LITTLE ROCK, — U.S. Rep. Mike Ross said Monday he won’t seek the Democratic nomination for Arkansas governor in 2014, upending a race that he was widely expected to join after opting against a re-election bid this year.

Ross announced that instead of seeking the party’s nomination, he will take a job with the Southwest Power Pool as its senior vice president for government affairs and public relations. The nonprofit power pool, based in Little Rock, manages electric services for 65 utilities in a nine-state area.

Last year, Ross said he wouldn’t seek a seventh term representing south Arkansas’ 4th District as he mulled a potential gubernatorial run.

"As a result, instead of campaigning and raising money, I have been able to spend more time, including weekends, with my family for the past year. We have enjoyed getting back to a more normal way of life after 22 continuous years of elective service," Ross said. "This led me to the realization that there is life after politics."

A spokesman for Ross said the congressman wasn’t available to comment further Monday afternoon.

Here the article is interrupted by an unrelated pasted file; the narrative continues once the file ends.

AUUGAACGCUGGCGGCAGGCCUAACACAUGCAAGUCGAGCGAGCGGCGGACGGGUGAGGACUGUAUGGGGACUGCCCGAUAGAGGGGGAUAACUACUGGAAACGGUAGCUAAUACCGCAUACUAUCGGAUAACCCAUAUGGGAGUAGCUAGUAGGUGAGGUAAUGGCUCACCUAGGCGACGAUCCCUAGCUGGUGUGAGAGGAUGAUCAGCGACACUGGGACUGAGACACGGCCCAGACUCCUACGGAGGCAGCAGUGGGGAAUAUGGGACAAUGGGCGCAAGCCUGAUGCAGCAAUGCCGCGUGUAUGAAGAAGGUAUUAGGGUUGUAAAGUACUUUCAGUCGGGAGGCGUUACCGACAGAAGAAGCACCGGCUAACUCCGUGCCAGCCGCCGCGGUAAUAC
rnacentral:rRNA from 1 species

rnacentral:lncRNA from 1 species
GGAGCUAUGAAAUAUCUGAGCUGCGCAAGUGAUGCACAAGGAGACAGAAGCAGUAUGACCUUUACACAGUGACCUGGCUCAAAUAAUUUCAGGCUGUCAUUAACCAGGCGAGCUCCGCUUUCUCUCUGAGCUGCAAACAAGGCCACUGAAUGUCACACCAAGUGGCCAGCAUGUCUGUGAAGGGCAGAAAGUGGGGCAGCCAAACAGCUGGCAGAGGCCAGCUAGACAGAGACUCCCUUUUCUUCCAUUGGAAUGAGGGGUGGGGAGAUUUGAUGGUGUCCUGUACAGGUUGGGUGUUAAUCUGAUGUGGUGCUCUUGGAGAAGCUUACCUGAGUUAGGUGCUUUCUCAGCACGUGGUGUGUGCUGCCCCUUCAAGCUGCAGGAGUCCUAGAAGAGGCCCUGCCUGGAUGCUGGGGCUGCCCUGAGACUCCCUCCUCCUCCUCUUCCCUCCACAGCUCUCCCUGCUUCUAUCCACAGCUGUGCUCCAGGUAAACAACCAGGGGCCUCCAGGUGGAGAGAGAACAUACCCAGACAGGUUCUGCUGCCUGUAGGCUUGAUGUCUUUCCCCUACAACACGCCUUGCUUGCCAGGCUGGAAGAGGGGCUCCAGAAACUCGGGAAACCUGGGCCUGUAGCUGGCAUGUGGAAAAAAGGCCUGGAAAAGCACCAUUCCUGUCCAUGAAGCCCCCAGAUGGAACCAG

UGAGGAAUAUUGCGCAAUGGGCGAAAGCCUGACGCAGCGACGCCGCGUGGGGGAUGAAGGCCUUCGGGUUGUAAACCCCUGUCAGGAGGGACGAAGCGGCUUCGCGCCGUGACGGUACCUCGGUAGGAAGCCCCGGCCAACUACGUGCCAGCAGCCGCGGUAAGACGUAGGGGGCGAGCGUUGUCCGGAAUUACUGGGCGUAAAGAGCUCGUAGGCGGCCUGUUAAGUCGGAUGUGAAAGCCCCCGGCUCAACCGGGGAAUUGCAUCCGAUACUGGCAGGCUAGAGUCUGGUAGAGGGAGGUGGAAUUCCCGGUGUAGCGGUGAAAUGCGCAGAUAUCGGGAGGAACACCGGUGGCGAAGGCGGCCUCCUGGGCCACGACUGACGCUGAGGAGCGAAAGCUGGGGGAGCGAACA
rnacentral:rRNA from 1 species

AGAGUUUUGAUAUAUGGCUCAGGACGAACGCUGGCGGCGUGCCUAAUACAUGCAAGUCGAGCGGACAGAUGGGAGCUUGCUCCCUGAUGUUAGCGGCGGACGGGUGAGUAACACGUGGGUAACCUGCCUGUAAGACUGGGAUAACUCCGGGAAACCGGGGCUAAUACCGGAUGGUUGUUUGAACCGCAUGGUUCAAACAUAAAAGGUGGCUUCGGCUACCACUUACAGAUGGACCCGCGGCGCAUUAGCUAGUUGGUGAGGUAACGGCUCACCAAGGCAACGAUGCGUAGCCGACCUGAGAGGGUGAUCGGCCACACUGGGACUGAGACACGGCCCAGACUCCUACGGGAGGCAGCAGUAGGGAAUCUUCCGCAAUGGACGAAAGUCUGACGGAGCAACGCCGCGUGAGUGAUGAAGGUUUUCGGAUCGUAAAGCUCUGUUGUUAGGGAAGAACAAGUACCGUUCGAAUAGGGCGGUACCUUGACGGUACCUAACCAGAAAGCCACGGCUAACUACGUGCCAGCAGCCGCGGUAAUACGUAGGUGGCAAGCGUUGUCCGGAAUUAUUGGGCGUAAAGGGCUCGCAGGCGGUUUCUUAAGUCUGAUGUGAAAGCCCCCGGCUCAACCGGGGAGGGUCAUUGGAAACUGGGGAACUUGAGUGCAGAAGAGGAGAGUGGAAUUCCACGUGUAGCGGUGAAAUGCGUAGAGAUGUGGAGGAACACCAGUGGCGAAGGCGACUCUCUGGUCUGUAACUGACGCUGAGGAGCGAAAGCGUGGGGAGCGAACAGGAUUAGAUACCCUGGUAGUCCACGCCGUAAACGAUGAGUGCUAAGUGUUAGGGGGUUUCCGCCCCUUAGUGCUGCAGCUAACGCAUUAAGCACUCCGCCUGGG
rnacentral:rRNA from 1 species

Ross’ decision shakes up a gubernatorial race that many believed he had been preparing for long before his retirement announcement last year. He has spent recent weeks speaking to groups outside his south Arkansas district and speaking out on state issues, including his opposition to raising Arkansas’ severance tax on natural gas for highway improvements. Ross said last month he wouldn’t decide on the race until sometime next year.

The announcement caught Democrats off guard as they’re trying to prevent losses in a state that has moved more to the right in recent years. Republicans are confident they can win control of the state Legislature, and claim Ross’ House seat this fall and a party spokeswoman said that’s where the GOP’s focus is now.

"We’ve always been proud of Congressman Ross and his longstanding service to the people of Arkansas and we look forward to his future work to create jobs and develop our economy with this future venture of his," state Democratic Party spokeswoman Candace Martin said.

U.S. Sen. Mark Pryor had already taken himself out of the running for the governor’s race earlier this year, when he announced that he planned to seek a third term in the Senate in 2014.

Ross’s decision prompted former Lt. Gov. Bill Halter to take a look at running for the Democratic nomination for governor. Halter, who made an unsuccessful bid for the U.S. Senate in 2010 rather than seek re-election, was flooded with calls urging him to run after Ross’s announcement, a spokesman said.

"He’s going to give it serious consideration," spokesman Bud Jackson said.

Attorney General Dustin McDaniel, another Democrat widely expected to join the race, said he called Ross to congratulate him on his service, but did not comment about his own political future.